Additionally, they say, the EPA is not requiring any physical misfueling controls for E15, will not conduct a consumer education campaign and will not require that E10 remains available. “Without this requirement [to keep E10 available], fuel for boats and other non-road engines and equipment will become an expensive specialty fuel, discouraging consumers from buying it and thus exacerbating the risk of misfueling,” Squires says.
The National Petrochemical & Refiners Association also decried the EPA’s final ruling. “The last time EPA allowed two types of gasoline to be sold side by side at retail stations — when leaded gasoline was phased out in the 1970s — EPA’s own statistics reported that more than 20 percent of motorists mistakenly or intentionally misfueled their vehicles,” association president Charles Drevna said in a statement.
“This high rate of misfueling occurred despite the fact that EPA mandated physical barriers — fill pipe restrictors on vehicles and smaller nozzles on gasoline retail dispensers — in addition to pump labels. EPA’s apparent conclusion that pump labels alone will educate and warn consumers about the dangers of E15 misfueling flies in the face of EPA’s own experience and data and could be classified as arbitrary,” he adds.
Although no one has to sell E15, Squires says, it’s sure to become the norm in certain areas of the country. “I think you are going to see a lot of interest in the Corn Belt, in general, and the reason why is obviously a lot of people in that area of the country see it as a great thing,” she says. “I think not only will you see that kind of legislation and other inducements there, but you’re also going to see probably a marketplace where people feel that it is a good idea.”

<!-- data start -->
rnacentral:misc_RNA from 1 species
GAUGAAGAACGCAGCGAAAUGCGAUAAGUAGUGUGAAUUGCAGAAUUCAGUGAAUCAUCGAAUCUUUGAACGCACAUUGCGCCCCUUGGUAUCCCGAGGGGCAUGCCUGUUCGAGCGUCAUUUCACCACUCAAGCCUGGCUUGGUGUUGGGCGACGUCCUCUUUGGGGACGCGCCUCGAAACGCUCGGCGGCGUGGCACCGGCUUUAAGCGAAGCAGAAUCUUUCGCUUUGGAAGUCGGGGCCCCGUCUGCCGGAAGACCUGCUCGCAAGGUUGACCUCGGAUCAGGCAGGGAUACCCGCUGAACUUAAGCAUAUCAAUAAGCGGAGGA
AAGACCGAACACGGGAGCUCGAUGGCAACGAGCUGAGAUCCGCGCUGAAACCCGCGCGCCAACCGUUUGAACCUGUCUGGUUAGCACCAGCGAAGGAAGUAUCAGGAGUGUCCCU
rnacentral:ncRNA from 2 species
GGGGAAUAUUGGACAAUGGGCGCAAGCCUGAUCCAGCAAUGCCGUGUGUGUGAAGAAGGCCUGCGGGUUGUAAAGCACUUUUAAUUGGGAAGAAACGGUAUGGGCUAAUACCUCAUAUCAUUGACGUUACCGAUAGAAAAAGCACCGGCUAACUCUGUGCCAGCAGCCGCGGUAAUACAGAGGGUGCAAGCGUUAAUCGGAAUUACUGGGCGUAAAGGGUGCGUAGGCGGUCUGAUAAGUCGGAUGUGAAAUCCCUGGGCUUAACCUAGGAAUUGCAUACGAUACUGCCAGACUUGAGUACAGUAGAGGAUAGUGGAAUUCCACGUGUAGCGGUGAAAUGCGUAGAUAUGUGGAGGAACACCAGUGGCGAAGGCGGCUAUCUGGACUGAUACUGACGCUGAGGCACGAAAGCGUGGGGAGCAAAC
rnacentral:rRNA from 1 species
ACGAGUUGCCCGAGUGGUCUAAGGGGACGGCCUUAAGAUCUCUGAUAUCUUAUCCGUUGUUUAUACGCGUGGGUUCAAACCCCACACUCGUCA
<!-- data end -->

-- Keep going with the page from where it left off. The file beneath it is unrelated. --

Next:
In Iowa, legislation already has passed to make E15 more enticing for retailers, although it is the only state where that has occurred, Squires says.
The U.S. Department of Agriculture announced in April that it will offer grants and loan guarantees to gas stations that want to install blender pumps that would allow for the higher ethanol blend. “It’s not going to do anything to have a label if you have no choice but to buy [E15],” Squires says. “You can’t put people in an impossible situation.”
The EPA’s rule also includes a prohibition against misfueling with E15, a requirement to track E15 and other fuels as they move through the supply chain so E15 can be properly blended and labeled, and a quarterly survey to help ensure that gas pumps dispensing E15 are properly labeled. In addition, it modifies the Reformulated Gasoline Program to allow fuel producers to certify batches of E15 as complying with RFG standards.
Although this final rule puts E15 one step closer to the marketplace, Squires says those who want to sell E15 must have EPA approval. As of June 29, only one petition to do so had been filed and it was pending, she says.
The NMMA and its partners continue to press their lawsuit challenging E15. Last December, the Engine Products Group filed suit in the U.S. Court of Appeals for the D.C. Circuit challenging the EPA’s partial waiver approving E15 for certain motor vehicles. The group consists of the NMMA, the Outdoor Power Equipment Institute, the Alliance of Automobile Manufacturers and the Association of International Automobile Manufacturers.
The briefing period has started, and briefs from both sides are due during the summer and fall. Final briefs are due in late October, and the group will seek oral arguments as soon as possible. Squires says she hopes to go to court by the end of the year and hopes a decision will be handed down quickly.
This article originally appeared in the August 2011 issue.